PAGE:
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The COVID-19 pandemic has put a lot of companies on notice that virtual and remote meetings are here to stay. With the help of unified communications, or UC, platforms, devices like mobile phones, desktops and laptops have become the dominant way employees now interact with clients or co-workers.
Enterprises are now assessing how they can add another dimension to virtual meetings by introducing a special and physical aspect to them.
Augmented reality (AR) has gained popularity in recent years thanks to popular gaming apps, like Pokemon Go, which enabled players to walk around parks and neighborhoods and interact with digital Pokemon characters through the cameras on their mobile devices.
With consumer acceptance of AR, enterprise AR has started to gain traction as the technology brings the digital world to the workplace by integrating digital information on a physical environment in real time. An even more immersive experience is possible when users don a headset, which enables them to move around and interact with different objects.
AR has seen adoption in verticals like manufacturing, for example, where headsets display information, such as an instruction manual, over a machine to aid in repairs. Now, conferencing and collaboration could be the next frontier for enterprise AR, and UC vendors are starting to explore AR offerings.
Targeting an emerging market with new tools
Microsoft was among the first vendors to capitalize on the emerging market. The company released its HoloLens AR headset in 2016. Microsoft also introduced SharePoint spaces, which uses mixed reality -- a combination of augmented and virtual reality -- to enable users to interact with stored 2D and 3D objects, such as images, videos and text. Now, Microsoft is setting its sights on adding AR capabilities to its UC platforms.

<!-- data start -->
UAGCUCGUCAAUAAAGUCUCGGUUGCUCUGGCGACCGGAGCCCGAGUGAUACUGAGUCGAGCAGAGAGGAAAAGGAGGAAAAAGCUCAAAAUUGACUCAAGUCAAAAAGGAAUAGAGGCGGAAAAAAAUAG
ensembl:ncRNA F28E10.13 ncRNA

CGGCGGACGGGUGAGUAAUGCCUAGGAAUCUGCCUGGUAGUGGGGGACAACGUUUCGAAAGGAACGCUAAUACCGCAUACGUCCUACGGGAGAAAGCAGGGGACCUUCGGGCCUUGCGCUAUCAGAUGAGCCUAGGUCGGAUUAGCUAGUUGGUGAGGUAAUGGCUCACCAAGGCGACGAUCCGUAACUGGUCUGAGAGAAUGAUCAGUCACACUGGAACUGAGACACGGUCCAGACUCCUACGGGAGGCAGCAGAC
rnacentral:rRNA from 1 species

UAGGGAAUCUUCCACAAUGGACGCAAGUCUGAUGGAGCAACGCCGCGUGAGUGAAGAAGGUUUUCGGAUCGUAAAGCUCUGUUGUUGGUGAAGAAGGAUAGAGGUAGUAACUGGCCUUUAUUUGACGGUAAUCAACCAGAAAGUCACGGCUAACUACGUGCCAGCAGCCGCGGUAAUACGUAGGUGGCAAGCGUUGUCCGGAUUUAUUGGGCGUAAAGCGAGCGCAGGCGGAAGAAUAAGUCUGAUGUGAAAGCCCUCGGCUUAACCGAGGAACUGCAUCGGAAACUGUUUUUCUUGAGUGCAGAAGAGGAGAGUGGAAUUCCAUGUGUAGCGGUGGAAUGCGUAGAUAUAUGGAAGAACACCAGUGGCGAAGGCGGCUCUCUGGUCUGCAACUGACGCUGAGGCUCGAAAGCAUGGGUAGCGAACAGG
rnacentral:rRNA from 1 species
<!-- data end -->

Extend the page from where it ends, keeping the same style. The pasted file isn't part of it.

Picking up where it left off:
During Microsoft's 2021 Ignite conference, the company introduced Mesh, a mixed-reality collaboration platform that uses the HoloLens 2 AR headset and Microsoft tools and services to create a shared experience that combines virtual and physical meeting spaces. The service will also support security, identity management, cloud storage and team collaboration apps, the company said.
Mesh will run on the Azure cloud and will enable individuals to virtually meet and share a holographic experience. The platform's aim is to provide a new way for meeting attendees to collaborate with digital objects. It's now in private preview, although Microsoft is allowing prospective customers to test the concept at a site that's powered by Mesh. Microsoft also plans to make Mesh available on other VR headsets, as well as PCs and mobile devices.
Evolution of meeting technology speeding up
There is no doubt that meetings will look incredibly different in the near future. They will be a mixed-reality experience, where attendees can move around and interact with each other, as well as 3D objects. Microsoft is not the only UC vendor to enter this space, as Cisco also offers support for VR Webex meetings. But, as other UC vendors begin to introduce their own offerings, Microsoft has the advantage of offering its own hardware with HoloLens.
Thanks to enterprise AR, organizers will have the option to, say, set their meetings in a virtual office that looks like the physical conference room, or they might plan a meeting where attendees find themselves in space or on a beach.
Whatever the setting, meetings will have a distinct feel to them and help get those working from home out of the house, albeit virtually.